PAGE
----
‘God made them male and female.’ 7 ‘For this reason a
          man shall leave his father and mother and be joined to his wife, 8 and the two shall become one flesh.’ So they are no longer two but
          one flesh.”

          1 Corinthians 7:31
          and those who deal with the world as though they had no
          dealings with it. For the present form of this world is passing away.

          2 Corinthians 4:16
          So we do not lose heart. Even though our outer nature is
          wasting away, our inner nature is being renewed day by day.

          Thomas 42
          Jesus said, “Become

          1 Corinthians
          13 Do you not know that those who
          are employed in the temple service get their food from the temple, and those who
          serve at the altar share in the sacrificial offerings? 14 In the same way, the
          Lord commanded that those who proclaim the gospel should get their living by the
          gospel. 15 � But I have made no use of any of these rights, nor am I writing
          this to secure any such provision. For I would rather die than have any one
          deprive me of my ground for boasting.

          Matthew 10:10
          “…no bag for your journey, nor two
          tunics, nor sandals, nor a staff; for the laborer deserves his food.”

          Luke 10:7
          “And remain in the same house, eating and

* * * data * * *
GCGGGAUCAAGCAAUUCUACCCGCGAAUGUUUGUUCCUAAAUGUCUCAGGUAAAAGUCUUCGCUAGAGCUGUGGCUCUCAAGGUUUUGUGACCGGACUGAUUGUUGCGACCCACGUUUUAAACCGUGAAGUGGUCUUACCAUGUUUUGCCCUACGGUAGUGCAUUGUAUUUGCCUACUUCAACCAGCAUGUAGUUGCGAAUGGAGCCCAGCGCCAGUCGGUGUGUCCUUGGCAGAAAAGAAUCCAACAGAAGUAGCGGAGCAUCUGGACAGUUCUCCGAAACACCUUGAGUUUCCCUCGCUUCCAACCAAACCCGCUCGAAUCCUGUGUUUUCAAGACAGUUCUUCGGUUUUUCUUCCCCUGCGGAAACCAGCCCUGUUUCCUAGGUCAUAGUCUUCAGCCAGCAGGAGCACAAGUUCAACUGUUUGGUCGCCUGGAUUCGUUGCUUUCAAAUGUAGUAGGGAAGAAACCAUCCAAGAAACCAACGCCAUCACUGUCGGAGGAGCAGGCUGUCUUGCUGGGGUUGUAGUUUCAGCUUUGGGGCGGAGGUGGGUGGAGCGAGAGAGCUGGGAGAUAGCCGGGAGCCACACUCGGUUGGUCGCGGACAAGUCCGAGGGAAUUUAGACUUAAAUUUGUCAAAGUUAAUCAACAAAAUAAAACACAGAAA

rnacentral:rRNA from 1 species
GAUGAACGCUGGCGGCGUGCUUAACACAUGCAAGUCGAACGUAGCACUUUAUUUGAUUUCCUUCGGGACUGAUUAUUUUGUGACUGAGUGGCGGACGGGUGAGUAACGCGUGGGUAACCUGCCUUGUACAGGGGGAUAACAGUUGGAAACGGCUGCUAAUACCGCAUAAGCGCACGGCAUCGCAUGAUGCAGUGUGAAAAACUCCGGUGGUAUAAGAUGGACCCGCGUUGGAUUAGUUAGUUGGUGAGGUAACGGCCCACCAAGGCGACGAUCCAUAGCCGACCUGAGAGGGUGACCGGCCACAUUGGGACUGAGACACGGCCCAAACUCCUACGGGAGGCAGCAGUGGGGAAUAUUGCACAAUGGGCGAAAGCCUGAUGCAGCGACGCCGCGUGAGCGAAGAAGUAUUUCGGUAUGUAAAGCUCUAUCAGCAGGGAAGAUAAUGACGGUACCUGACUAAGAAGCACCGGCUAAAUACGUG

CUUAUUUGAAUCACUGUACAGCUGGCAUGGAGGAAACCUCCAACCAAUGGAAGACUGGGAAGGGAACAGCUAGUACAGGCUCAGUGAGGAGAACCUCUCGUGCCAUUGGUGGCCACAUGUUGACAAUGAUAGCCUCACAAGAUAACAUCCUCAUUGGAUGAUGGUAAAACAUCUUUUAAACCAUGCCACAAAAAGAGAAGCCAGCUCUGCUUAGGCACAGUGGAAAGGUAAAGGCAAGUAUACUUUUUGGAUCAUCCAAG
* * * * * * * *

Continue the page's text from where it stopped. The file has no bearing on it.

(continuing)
drinking what they provide, for the laborer deserves his wages; do not go from
          house to house.”

          1 Corinthians
          The cup of blessing that we
          bless, is it not a sharing in the blood of Christ? The bread that we break, is
          it not a sharing in the body of Christ?

          Mark 14:36
          And he said, “Abba, Father, all things are
          possible to thee; remove this cup from me; yet not what I will, but what
          thou wilt.”

          1 Corinthians
          23 For I received from the Lord
          what I also delivered to you, that the Lord Jesus on the night when he was
          betrayed took bread, 24 and when he had given thanks, he broke it, and said,
          “This is my body which is for you. Do this in remembrance of me.” 25 In the same
          way also the cup, after supper, saying, “This cup is the new covenant in my
          blood. Do this, as often as you drink it, in remembrance of me.” 26 For as often
          as you eat this bread and drink the cup you proclaim the Lord’s death until he

          Mark 14:22-25
          22 And as they were eating, he took bread, and blessed, and
          broke it, and gave it to them, and said, “Take; this is my
          body.” 23 And he took a cup, and when he had given thanks he gave it to
          them, and they all drank of it. 24 And he said to them, “This is my blood of the covenant, which is poured out for
          many. 25 Truly, I say to you, I shall not drink again
          of the fruit of the vine until that day when I drink it new in the kingdom of

          1 Corinthians 13:2
          And if I have prophetic powers, and understand all mysteries
          and all knowledge, and if I have all faith, so as to remove mountains, but do
          not have love, I am nothing.

          James 1:6
          But ask in faith, never doubting, for the one who doubts is
          like a wave of the sea, driven and tossed by the wind;

          Mark 11:23
          “Truly, I say to you, whoever says to this